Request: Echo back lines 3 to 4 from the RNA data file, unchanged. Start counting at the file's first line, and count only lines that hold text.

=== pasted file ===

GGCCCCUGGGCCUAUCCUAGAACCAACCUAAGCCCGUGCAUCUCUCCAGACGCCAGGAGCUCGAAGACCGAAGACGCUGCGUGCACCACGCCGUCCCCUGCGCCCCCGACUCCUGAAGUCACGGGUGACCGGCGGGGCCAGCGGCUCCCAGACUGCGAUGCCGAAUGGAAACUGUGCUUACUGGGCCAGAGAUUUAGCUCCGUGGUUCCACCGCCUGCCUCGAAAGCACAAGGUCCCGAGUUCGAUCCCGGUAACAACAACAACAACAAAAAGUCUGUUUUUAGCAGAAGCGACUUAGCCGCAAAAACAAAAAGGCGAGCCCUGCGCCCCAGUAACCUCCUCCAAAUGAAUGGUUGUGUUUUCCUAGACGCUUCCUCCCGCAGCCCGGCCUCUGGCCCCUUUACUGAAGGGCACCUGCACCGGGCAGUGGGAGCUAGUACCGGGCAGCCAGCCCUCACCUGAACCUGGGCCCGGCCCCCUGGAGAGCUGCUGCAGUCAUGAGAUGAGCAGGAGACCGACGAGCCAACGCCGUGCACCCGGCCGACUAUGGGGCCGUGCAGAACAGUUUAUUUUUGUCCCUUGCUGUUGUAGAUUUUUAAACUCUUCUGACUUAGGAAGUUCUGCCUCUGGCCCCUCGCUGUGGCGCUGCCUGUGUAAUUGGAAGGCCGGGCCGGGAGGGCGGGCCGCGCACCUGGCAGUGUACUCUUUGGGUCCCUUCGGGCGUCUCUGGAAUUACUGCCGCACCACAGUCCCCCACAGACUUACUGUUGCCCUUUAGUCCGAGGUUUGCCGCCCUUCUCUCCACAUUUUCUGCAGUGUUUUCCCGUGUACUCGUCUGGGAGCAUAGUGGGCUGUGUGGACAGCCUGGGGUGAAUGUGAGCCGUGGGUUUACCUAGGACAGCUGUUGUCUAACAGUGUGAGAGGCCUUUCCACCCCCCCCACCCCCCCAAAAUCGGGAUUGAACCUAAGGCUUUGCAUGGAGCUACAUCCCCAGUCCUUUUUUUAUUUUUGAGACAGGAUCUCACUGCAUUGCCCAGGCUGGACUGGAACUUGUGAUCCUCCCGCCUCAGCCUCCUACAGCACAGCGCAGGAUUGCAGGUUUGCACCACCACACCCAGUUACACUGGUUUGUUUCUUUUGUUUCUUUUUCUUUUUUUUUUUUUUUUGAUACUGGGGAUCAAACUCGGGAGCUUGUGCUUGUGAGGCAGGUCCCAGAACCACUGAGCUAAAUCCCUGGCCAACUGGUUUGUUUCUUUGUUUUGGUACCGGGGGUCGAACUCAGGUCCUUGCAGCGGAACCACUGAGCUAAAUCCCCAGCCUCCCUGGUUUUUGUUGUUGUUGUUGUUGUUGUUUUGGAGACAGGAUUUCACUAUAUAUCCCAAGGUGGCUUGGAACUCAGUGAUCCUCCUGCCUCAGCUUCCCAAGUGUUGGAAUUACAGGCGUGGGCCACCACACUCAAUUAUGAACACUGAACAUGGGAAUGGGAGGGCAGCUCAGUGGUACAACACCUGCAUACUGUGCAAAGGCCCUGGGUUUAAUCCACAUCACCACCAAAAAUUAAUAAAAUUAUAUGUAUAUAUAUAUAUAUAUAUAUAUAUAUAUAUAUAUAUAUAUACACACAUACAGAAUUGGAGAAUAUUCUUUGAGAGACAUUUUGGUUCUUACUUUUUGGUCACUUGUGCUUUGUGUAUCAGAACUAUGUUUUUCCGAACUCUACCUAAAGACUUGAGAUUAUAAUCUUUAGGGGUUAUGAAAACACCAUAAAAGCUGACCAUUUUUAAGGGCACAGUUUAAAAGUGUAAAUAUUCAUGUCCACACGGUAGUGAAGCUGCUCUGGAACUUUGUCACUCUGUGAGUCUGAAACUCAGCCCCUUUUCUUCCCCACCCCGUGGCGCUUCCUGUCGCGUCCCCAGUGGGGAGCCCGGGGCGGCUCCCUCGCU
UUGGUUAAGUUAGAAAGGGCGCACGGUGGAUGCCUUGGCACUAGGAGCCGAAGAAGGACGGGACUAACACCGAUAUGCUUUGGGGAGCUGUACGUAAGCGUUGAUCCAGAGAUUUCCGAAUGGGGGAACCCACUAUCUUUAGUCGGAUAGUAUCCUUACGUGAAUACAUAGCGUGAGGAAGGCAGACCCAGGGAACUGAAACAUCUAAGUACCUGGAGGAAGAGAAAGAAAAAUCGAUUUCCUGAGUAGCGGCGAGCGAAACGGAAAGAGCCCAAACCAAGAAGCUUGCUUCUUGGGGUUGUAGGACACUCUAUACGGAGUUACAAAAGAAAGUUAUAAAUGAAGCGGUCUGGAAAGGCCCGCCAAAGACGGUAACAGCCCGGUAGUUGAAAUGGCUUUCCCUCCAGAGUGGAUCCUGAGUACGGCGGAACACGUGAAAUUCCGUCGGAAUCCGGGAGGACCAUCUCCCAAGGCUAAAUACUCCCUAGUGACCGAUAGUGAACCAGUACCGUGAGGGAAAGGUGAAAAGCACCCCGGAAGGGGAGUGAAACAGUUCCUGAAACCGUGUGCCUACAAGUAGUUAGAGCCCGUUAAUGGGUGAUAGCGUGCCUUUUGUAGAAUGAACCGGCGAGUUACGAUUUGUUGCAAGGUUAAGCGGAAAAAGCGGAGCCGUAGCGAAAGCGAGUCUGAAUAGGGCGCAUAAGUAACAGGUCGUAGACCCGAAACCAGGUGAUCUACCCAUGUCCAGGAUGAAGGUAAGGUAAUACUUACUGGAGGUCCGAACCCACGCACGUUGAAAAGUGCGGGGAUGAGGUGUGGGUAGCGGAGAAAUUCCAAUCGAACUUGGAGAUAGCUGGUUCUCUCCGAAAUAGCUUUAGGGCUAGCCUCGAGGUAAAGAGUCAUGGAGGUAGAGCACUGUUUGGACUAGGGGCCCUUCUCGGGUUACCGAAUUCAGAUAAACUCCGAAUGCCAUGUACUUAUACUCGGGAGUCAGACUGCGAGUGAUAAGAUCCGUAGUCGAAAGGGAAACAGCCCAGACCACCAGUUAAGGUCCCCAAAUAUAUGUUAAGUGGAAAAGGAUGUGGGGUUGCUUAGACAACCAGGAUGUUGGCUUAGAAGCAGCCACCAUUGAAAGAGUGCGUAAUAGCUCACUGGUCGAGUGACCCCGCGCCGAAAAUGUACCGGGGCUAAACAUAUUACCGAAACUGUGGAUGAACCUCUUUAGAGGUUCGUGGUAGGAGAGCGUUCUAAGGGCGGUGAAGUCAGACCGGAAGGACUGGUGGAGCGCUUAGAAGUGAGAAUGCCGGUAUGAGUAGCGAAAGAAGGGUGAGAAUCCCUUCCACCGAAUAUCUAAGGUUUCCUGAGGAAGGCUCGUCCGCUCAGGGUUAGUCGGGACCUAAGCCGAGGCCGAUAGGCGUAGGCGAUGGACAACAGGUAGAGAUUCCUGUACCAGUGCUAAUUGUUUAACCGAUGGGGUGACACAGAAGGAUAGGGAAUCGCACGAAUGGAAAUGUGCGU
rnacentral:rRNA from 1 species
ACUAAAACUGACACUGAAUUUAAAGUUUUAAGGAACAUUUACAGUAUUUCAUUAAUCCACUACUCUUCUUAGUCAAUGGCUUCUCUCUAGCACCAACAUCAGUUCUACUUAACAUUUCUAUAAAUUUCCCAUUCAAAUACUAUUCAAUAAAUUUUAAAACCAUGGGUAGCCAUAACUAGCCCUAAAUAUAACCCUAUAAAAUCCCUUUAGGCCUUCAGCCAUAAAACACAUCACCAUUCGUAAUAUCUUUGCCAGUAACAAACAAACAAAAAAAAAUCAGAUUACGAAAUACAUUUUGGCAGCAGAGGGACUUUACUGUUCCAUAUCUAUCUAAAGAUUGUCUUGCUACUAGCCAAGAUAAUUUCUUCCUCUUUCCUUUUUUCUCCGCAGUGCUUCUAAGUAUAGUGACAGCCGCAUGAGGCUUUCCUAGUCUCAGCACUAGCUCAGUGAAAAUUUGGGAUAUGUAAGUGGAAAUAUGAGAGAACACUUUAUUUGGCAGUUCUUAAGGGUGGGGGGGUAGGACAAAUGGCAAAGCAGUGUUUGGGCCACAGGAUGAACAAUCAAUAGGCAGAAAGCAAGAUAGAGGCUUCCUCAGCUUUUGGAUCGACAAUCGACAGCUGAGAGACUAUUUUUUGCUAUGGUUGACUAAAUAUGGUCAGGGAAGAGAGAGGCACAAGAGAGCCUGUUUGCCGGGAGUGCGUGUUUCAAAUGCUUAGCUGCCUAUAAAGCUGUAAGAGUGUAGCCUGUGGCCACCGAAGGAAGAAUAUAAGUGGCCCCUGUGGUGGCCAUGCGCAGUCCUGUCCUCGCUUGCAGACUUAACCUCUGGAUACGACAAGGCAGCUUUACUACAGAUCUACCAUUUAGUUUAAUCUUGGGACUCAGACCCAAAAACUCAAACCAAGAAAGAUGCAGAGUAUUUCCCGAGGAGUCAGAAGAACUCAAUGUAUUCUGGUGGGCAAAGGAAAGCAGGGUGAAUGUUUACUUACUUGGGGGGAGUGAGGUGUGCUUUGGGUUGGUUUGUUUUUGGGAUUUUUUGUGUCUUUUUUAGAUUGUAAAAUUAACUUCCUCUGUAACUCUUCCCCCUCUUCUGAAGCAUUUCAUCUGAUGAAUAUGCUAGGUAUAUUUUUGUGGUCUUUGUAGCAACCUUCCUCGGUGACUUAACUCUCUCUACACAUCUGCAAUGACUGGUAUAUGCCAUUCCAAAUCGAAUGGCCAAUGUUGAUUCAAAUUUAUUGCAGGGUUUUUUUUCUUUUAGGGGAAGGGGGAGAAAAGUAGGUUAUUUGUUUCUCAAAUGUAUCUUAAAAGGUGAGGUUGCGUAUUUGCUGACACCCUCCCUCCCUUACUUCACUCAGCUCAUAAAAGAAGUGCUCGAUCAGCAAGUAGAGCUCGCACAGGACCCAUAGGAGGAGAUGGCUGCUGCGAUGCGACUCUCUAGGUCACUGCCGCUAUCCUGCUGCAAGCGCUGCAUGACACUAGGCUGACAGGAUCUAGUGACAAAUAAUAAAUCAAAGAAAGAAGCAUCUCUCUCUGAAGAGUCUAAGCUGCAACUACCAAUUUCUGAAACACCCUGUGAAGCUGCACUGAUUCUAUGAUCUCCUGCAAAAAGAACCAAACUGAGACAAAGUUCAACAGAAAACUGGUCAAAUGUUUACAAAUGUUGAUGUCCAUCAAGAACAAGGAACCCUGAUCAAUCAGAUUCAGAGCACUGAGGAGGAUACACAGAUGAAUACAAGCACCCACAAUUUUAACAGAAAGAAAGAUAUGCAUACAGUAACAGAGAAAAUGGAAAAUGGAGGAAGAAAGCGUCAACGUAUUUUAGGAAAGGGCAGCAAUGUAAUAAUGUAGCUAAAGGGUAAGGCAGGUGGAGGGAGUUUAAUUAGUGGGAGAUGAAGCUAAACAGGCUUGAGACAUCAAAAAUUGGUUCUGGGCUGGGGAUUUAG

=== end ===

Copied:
rnacentral:rRNA from 1 species
ACUAAAACUGACACUGAAUUUAAAGUUUUAAGGAACAUUUACAGUAUUUCAUUAAUCCACUACUCUUCUUAGUCAAUGGCUUCUCUCUAGCACCAACAUCAGUUCUACUUAACAUUUCUAUAAAUUUCCCAUUCAAAUACUAUUCAAUAAAUUUUAAAACCAUGGGUAGCCAUAACUAGCCCUAAAUAUAACCCUAUAAAAUCCCUUUAGGCCUUCAGCCAUAAAACACAUCACCAUUCGUAAUAUCUUUGCCAGUAACAAACAAACAAAAAAAAAUCAGAUUACGAAAUACAUUUUGGCAGCAGAGGGACUUUACUGUUCCAUAUCUAUCUAAAGAUUGUCUUGCUACUAGCCAAGAUAAUUUCUUCCUCUUUCCUUUUUUCUCCGCAGUGCUUCUAAGUAUAGUGACAGCCGCAUGAGGCUUUCCUAGUCUCAGCACUAGCUCAGUGAAAAUUUGGGAUAUGUAAGUGGAAAUAUGAGAGAACACUUUAUUUGGCAGUUCUUAAGGGUGGGGGGGUAGGACAAAUGGCAAAGCAGUGUUUGGGCCACAGGAUGAACAAUCAAUAGGCAGAAAGCAAGAUAGAGGCUUCCUCAGCUUUUGGAUCGACAAUCGACAGCUGAGAGACUAUUUUUUGCUAUGGUUGACUAAAUAUGGUCAGGGAAGAGAGAGGCACAAGAGAGCCUGUUUGCCGGGAGUGCGUGUUUCAAAUGCUUAGCUGCCUAUAAAGCUGUAAGAGUGUAGCCUGUGGCCACCGAAGGAAGAAUAUAAGUGGCCCCUGUGGUGGCCAUGCGCAGUCCUGUCCUCGCUUGCAGACUUAACCUCUGGAUACGACAAGGCAGCUUUACUACAGAUCUACCAUUUAGUUUAAUCUUGGGACUCAGACCCAAAAACUCAAACCAAGAAAGAUGCAGAGUAUUUCCCGAGGAGUCAGAAGAACUCAAUGUAUUCUGGUGGGCAAAGGAAAGCAGGGUGAAUGUUUACUUACUUGGGGGGAGUGAGGUGUGCUUUGGGUUGGUUUGUUUUUGGGAUUUUUUGUGUCUUUUUUAGAUUGUAAAAUUAACUUCCUCUGUAACUCUUCCCCCUCUUCUGAAGCAUUUCAUCUGAUGAAUAUGCUAGGUAUAUUUUUGUGGUCUUUGUAGCAACCUUCCUCGGUGACUUAACUCUCUCUACACAUCUGCAAUGACUGGUAUAUGCCAUUCCAAAUCGAAUGGCCAAUGUUGAUUCAAAUUUAUUGCAGGGUUUUUUUUCUUUUAGGGGAAGGGGGAGAAAAGUAGGUUAUUUGUUUCUCAAAUGUAUCUUAAAAGGUGAGGUUGCGUAUUUGCUGACACCCUCCCUCCCUUACUUCACUCAGCUCAUAAAAGAAGUGCUCGAUCAGCAAGUAGAGCUCGCACAGGACCCAUAGGAGGAGAUGGCUGCUGCGAUGCGACUCUCUAGGUCACUGCCGCUAUCCUGCUGCAAGCGCUGCAUGACACUAGGCUGACAGGAUCUAGUGACAAAUAAUAAAUCAAAGAAAGAAGCAUCUCUCUCUGAAGAGUCUAAGCUGCAACUACCAAUUUCUGAAACACCCUGUGAAGCUGCACUGAUUCUAUGAUCUCCUGCAAAAAGAACCAAACUGAGACAAAGUUCAACAGAAAACUGGUCAAAUGUUUACAAAUGUUGAUGUCCAUCAAGAACAAGGAACCCUGAUCAAUCAGAUUCAGAGCACUGAGGAGGAUACACAGAUGAAUACAAGCACCCACAAUUUUAACAGAAAGAAAGAUAUGCAUACAGUAACAGAGAAAAUGGAAAAUGGAGGAAGAAAGCGUCAACGUAUUUUAGGAAAGGGCAGCAAUGUAAUAAUGUAGCUAAAGGGUAAGGCAGGUGGAGGGAGUUUAAUUAGUGGGAGAUGAAGCUAAACAGGCUUGAGACAUCAAAAAUUGGUUCUGGGCUGGGGAUUUAG